Another blood test result question please. - Thyroid UK

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Another blood test result question please.

kb53 profile image

Sorry, it’s still the ongoing saga of possible central hypothyroidism which my GP says is impossible from the blood tests they did back in July where they only tested my TSH which was 1.72.

These are my latest ones from today. The only improvement I can see is my ferritin is up from 13 to 46.7! Still on no medication and the bloods were done at 8am with only water beforehand.

What on earth is wrong with me?

22 Replies
SlowDragon profile image

What’s your diet like

Are you vegetarian or vegan?

B12 and folate are very low

GP should be testing for Pernicious Anaemia before starting on any B12 and vitamin B complex

Ferritin improving but still too low

Have you been increasing iron rich foods in diet and/or did GP prescribe iron supplements

Are you currently taking any vitamin D ?

Vitamin D needs improving to at least around 80nmol and around 100nmol maybe better

Keep improving low vitamin levels

Retest again in 3-4 months

kb53 profile image
kb53 in reply to SlowDragon

Thank you.

I’ll admit to not having the best diet I’m the world but I’m not veggie or vegan.

My GP really isn’t interested. Because most of my results are ‘in range’ she has refused to carry out any more tests or see me face to face.

I’m supplementing with Ferrograd which is one of the few iron supplements I can tolerate. Not taking anything else.

I’m happy to pay for a private consultation if necessary but I don’t know if I need to or even what specialism I need to make an appointment with.

SeasideSusie profile image


possible central hypothyroidism which my GP says is impossible from the blood tests they did back in July where they only tested my TSH which was 1.72.

What is the reason your GP say Central Hypothyroidism is impossible if all they tested was TSH which came back at 1.72? That does not exclude Central Hypo.

Did you give your GP the information about Central Hypo, I gave you links to credible articles in reply to a previous post:

These clearly explain that it's the FT4 result which suggests Central Hypo, not the TSH result.

kb53 profile image
kb53 in reply to SeasideSusie

I wish I knew! I tried to question why she thought it wasn’t an option but her reply was it is extremely rare and as my FT4 was in range - only by 8% - then it couldn’t be that.

It’s impossible to get a face to face appointment so any evidence has to be emailed over in advance but is generally then ignored.

SeasideSusie profile image
SeasideSusieAdministrator in reply to kb53

You said she only tested TSH, which came back at 1.72, when she said it couldn't be Central Hypo.

kb53 profile image
kb53 in reply to SeasideSusie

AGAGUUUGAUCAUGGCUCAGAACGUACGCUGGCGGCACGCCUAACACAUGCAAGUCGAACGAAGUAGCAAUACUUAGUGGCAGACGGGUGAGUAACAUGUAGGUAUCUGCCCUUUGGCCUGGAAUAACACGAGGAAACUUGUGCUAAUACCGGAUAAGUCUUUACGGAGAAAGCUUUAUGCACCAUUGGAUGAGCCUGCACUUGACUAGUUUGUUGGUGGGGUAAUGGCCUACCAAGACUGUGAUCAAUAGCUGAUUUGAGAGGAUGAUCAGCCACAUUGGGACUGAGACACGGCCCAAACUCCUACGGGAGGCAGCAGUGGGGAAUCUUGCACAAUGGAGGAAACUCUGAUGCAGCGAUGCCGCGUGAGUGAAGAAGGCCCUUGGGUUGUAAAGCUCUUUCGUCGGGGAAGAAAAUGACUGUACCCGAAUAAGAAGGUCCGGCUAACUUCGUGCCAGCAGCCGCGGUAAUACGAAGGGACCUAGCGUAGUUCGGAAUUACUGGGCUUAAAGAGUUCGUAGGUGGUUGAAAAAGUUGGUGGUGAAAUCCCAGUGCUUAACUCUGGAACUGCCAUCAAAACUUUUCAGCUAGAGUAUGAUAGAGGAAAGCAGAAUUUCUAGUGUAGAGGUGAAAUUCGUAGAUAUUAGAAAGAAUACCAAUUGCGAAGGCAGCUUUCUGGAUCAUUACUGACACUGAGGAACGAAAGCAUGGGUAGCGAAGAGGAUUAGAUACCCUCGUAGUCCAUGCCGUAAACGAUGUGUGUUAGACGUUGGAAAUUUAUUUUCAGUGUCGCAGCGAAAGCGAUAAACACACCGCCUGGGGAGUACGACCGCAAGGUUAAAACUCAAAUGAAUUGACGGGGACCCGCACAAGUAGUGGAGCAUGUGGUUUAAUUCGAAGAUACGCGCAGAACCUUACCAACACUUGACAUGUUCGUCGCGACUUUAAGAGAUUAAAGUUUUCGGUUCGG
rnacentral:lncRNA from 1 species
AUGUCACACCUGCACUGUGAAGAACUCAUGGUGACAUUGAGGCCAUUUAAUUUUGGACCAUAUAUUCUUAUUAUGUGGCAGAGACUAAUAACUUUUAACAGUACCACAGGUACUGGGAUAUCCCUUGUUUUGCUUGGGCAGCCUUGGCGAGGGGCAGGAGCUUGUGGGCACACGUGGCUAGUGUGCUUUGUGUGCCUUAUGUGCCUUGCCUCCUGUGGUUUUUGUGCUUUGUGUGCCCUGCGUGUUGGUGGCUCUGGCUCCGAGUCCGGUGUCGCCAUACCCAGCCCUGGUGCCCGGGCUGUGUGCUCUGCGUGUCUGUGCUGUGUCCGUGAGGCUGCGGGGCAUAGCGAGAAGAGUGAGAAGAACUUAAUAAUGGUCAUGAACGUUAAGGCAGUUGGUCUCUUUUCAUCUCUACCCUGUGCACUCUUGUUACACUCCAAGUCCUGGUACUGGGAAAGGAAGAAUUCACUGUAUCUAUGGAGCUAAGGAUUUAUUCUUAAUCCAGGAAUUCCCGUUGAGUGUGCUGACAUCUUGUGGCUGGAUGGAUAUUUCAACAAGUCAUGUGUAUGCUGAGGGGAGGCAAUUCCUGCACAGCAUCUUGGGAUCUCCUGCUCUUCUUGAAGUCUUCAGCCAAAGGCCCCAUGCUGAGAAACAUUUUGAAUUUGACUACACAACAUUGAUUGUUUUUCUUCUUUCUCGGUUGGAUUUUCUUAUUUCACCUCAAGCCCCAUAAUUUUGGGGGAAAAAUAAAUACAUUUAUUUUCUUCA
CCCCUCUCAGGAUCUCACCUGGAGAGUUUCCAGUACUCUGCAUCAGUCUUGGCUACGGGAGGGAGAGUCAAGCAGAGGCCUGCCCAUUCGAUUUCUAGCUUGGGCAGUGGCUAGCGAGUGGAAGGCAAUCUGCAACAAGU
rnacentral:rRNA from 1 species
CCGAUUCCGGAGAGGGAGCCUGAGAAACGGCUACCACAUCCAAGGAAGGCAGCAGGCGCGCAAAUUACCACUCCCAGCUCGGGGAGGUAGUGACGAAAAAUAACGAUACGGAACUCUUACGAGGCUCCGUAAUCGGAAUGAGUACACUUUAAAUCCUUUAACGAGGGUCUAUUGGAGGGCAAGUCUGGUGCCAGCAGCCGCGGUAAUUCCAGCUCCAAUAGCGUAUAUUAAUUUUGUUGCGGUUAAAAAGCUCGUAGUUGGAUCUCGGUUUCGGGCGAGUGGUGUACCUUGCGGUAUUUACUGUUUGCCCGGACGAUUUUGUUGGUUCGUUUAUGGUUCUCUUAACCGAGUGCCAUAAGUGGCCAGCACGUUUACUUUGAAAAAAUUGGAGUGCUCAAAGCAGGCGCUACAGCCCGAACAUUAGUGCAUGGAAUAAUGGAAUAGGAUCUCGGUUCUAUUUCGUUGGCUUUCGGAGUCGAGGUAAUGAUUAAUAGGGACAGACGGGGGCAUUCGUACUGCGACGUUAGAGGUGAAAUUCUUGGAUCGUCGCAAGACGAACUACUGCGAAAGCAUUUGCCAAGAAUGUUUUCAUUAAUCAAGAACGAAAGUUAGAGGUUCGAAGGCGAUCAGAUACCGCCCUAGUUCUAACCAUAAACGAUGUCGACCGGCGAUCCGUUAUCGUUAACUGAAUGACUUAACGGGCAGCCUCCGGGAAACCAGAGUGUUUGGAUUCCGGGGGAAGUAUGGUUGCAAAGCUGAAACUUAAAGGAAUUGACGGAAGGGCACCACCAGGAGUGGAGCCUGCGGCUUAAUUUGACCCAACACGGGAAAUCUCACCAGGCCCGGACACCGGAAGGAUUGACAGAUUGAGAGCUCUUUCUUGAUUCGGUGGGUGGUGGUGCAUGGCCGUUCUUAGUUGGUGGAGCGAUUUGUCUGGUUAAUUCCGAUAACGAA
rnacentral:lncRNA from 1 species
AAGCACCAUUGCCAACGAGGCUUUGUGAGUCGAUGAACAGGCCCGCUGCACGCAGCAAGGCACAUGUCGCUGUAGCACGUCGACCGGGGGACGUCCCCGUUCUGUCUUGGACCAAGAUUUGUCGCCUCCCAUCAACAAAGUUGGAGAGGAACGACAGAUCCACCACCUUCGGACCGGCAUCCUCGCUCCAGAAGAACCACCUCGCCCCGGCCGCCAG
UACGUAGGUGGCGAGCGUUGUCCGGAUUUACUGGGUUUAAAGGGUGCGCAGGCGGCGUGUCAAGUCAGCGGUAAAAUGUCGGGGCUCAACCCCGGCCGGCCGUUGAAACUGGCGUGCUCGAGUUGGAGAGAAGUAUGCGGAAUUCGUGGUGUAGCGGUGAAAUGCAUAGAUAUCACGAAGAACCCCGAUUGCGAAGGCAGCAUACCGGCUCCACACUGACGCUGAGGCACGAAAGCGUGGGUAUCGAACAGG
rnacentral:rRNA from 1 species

Sorry SusieI had a private blood test done when I realised the GP one only covered TSH. That came back as 12.8pmol/L - bottom of the range was 12.

SeasideSusie profile image
SeasideSusieAdministrator in reply to kb53

Yes, but you said

GP says is impossible from the blood tests they did back in July where they only tested my TSH which was 1.72.

So did she say that based on that test when only TSH was done or the private test when FT4 and TSH were included?

I doesn't matter that it's rare, it exists and however rare it may or may not be some people do have the condition. - this link says "low" not "below range":

In central hypothyroidism, free T4 is low - this link says "low" not "below range":

The diagnosis is suspected by the finding of low FT4 - this link says "low" not "below range":

The hallmark of CH are low serum levels of circulating free thyroxine (FT4)

I think that an FT4 level of 12.8 in a range of 12-22 unequivocally suggtests "low".

If you want to get anywhere you have to put up a fight and provide evidence, maybe you need to find a better GP, one that will listen and discuss.

kb53 profile image
kb53 in reply to SeasideSusie

It’s a long, confusing story unfortunately. I had private blood tests done early July which showed a low in range TSH and below range FT4. Called my GP to discuss who then wanted her own blood tests carried out. These were done late July. For some reason they only included TSH which was 1.72 at the time and they were all classed as ‘satisfactory - no further action’.

I have access to my records on line so decided before talking to her again to do another private test just in case which gave the FT4 result of 12.8. When I had this, I called my GP again and that was when she made the comment.

Sadly it’s not possible to change GP. There aren’t any in the area taking new patients.

SeasideSusie profile image
SeasideSusieAdministrator in reply to kb53

Does your GP know about the test that showed the below range FT4, that's more evidence for you.

kb53 profile image
kb53 in reply to SeasideSusie

Yes she does. That’s what prompted her to do her own blood tests but they only tested TSH. I feel like I’m going around in circles with her.

It’s clear your GP isn’t interested in managing your health and trying to get to the bottom of what’s causing you to feel unwell. Most of us on here have realised we need to do that for ourselves. It’s daunting not relying on a GP but at least you have the sage advice of experienced forum members here. Having said that Central Hypothyroidism is rare so you’re going to have to do a bit of legwork and find the latest research and thinking on it.

Probably time for you to see a decent endocrinologist for another opinion. This forum has a list they can share with you.